The PPVA is able to capture and convert all of this taxable income into non-taxable "annuity" income. A life insurer is taxable on all of its investment income within the separate account and is able to take a reserves deduction for all of its investment income within the separate account.
A foreign investor is taxable in theory on annuity distributions or surrender of the annuity contract. Without the benefit of a tax treaty, a foreign policyholder would be subject to a 30 percent withholding tax under IRC Sec 871(a). Virtually all of the double tax treaties exempt annuity income from income and withholding tax treatment for U.S. purposes. Furthermore, planning exists that would allow an annuity policyholder without the benefit of a tax treaty to obtain similar results.
Sovereign wealth funds are taxed under IRC Sec 892. IRC Sec 892 treats an annuity contract as a domestic security whose income is tax exempt. As a result, the PPVA has the ability to convert MLP income that might be taxed as ECI into tax exempt income. Equally as important from a non-tax standpoint, the use of the PPVA eliminates the need to file a federal and state tax return and also eliminates K-1 reporting to the foreign investor.
Foreign investors are fully responsible for federal income tax liabilities stemming from effectively connected income (ECI), or income derived from a U.S. trade or business. Foreign owners of MLP units will have all of their distributions subject to withholding at the highest marginal tax rate under IRC Sec 1446 - 35 percent for corporations and 39.6 percent for individuals. Additionally, MLP sponsors must withhold at the state level for foreign investors.
Foreign owners of MLP units will have all of their distributions subject to withholding at the highest marginal tax rate. This differs from a U.S. investor who is subject to taxes (payable after the fact) on their allocated net income, which is typically substantially less than the distributions earned.
The result of this excess withholding is that a foreign investor is subject to more taxes than a domestic investor is on an annual basis, and must file a U.S. federal tax return to get a credit back on the excess withholding. This credit goes towards paying the foreign investor's s taxes on gains, resulting in an after-tax return equivalent to his U.S.-based MLP investor. The bigger problem is that most foreign investors are loathe to be in the position of having to file a federal return, let alone multiple state level returns.
The PPVA is a complete solution to this problem. The life insurance company separate account is considered the legal owner of the investments and as a U.S. taxpayer, is not subject to any of the foreign withholding taxes under IRC Sec 1446. The quarterly distributions paid by the MLP to the insurance company separate account are not subject to any withholding taxation. No taxation on capital gains or depreciation or depletion recapture is applicable.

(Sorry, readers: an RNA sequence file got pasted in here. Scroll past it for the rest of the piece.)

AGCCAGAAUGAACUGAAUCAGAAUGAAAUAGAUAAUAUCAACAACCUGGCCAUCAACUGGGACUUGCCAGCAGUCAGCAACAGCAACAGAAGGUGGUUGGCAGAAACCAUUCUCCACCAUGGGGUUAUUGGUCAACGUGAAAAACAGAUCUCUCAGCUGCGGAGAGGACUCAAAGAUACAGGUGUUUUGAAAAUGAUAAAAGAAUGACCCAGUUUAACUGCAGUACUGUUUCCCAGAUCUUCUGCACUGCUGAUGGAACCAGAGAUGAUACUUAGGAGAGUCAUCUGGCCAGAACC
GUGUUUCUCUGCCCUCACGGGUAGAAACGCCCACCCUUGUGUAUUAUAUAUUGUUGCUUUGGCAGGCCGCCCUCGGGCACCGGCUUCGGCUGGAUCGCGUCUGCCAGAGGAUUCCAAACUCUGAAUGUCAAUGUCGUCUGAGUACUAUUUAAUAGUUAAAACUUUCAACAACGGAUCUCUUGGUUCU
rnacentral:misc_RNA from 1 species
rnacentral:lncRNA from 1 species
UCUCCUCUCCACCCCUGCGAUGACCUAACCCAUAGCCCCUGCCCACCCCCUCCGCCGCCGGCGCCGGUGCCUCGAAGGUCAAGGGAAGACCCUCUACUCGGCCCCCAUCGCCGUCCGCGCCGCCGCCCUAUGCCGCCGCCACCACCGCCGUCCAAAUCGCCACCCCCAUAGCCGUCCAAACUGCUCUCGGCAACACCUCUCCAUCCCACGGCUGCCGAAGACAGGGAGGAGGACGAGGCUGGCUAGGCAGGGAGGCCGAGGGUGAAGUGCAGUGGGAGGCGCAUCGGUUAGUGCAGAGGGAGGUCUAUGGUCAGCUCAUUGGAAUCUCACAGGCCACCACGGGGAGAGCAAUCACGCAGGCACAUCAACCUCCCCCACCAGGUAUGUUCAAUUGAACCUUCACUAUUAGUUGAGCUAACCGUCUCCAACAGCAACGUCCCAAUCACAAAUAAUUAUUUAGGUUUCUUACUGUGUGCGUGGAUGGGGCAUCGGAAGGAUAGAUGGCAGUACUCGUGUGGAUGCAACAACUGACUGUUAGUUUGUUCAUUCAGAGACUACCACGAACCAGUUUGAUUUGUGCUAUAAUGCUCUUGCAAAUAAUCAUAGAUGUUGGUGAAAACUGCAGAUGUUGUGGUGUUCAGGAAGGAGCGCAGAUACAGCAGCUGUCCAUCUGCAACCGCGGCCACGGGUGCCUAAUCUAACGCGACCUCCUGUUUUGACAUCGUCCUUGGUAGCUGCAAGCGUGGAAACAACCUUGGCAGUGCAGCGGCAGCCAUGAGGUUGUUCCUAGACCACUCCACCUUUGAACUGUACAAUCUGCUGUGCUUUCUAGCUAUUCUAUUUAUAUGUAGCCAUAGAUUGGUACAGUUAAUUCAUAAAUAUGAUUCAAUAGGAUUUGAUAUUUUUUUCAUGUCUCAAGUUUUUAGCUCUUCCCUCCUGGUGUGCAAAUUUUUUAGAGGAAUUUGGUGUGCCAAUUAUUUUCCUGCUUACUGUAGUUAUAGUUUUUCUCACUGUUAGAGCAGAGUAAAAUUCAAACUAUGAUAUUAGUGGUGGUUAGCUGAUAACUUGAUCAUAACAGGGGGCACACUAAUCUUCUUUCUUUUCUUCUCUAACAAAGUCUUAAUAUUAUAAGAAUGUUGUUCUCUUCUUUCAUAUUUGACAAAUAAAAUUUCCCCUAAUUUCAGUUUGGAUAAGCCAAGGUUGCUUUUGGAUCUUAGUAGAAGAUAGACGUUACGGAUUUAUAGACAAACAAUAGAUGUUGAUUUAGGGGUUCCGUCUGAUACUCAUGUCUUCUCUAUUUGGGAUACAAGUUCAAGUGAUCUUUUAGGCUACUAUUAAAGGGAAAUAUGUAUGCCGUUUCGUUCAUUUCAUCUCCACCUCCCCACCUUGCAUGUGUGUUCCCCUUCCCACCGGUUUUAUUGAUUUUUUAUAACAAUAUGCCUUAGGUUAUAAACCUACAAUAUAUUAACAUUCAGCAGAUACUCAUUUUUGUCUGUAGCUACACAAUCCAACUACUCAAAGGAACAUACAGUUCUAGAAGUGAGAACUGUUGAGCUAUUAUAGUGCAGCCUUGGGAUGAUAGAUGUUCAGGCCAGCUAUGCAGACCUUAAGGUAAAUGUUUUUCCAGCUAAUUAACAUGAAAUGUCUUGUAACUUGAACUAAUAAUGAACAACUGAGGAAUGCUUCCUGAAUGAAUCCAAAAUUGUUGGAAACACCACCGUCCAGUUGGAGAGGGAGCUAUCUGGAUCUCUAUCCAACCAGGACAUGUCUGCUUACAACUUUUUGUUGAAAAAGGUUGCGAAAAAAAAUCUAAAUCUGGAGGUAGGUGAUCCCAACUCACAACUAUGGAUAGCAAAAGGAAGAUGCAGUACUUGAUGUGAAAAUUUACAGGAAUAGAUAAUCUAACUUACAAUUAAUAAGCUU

The annuity provisions of the Model Income Tax Treaty have been incorporated in the majority of existing tax treaties. Article 18 of the Model Income Tax Treaty provides favorable treatment for annuity income.
The Model Treaty provides that annuity income is only taxed in the home jurisdiction and not subject to taxation or withholding in the U.S. Most pension plans will not be subject to taxation in the home jurisdiction. Many foreign jurisdictions also provide favorable taxation for life insurance and annuities.
Tax treaty definition of an annuity is quite basic in most cases. In a few of the newer treaties, the tax benefits are only applicable to annuities that are beneficially owned by individuals in a manner similar to IRC Sec 72(u).
Treaty provisions override the 30 percent withholding tax imposed under IRC Sec. 871. These overrides may apply even if it is determined that the annuity is not a valid annuity under U.S. tax law but nonetheless a valid “annuity” under the definition within the tax treaty.
Effectively, the Treaty definition of an annuity supersedes the tax law definition of an annuity in IRC Sec. 72. The IRS has issued a favorable Private Letter Ruling (PLR 980612) examining this issue. A Private Letter Ruling is not law, and may not be relied upon by a taxpayer, but provides an indication of the IRS’ position on different tax issues.
As a practical matter, I believe that it is nonetheless advisable to issue a PPVA that complies with the requirements of U.S. tax law. For a high net worth investor, the policy should be issued by an offshore carrier that has made an IRC Sec 953(d) election. This carrier level election treats the offshore carrier as a U.S. taxpayer eliminating any withholding obligation for ECI.
Additionally, the annuity contract is not considered a U.S. sitused asset for federal estate tax purposes eliminating any potential estate tax exposure for the foreign investor.
IRC Sec. 892 provides an income tax exemption to foreign governments, which invest in domestic stocks, bonds, and “other domestic securities”. This income tax exemption does not extend to investment in MLPs and commercial activities including real estate.
However, Reg.1.892-3T(3) defines “other domestic securities” to include annuity contracts. Therefore, a properly structured annuity with a MLP investment option will not be subject to the normal taxation and withholding requirements for ECI and U.S. real estate investments or FIRPTA withholding requirements.
The character of the income is converted to annuity income, which is exempt income for the foreign government under IRC Sec. 892. Additionally, the foreign government will not a tax filing income at the federal or state level.
MLPS are very attractive investments in general. High cash flow distributions and total returns that are heavily tax sheltered in the early year of the investment. Eventually, these tax benefits come back to "bite" the investor in recapture when the investment is sold. An investment version of "Buy now and pay later".
However, the tax treatment for foreign investors is different in that the foreign investor is subject to withholding taxation at the federal level and taxation at the federal and state level. The favorable tax treatment of annuity income under most tax treaties can avert these problems and produce an investment return that is exempt for tax purposes. High cash flow, high total returns, high liquidity, and no U.S. income and withholding taxation. Am I missing something here?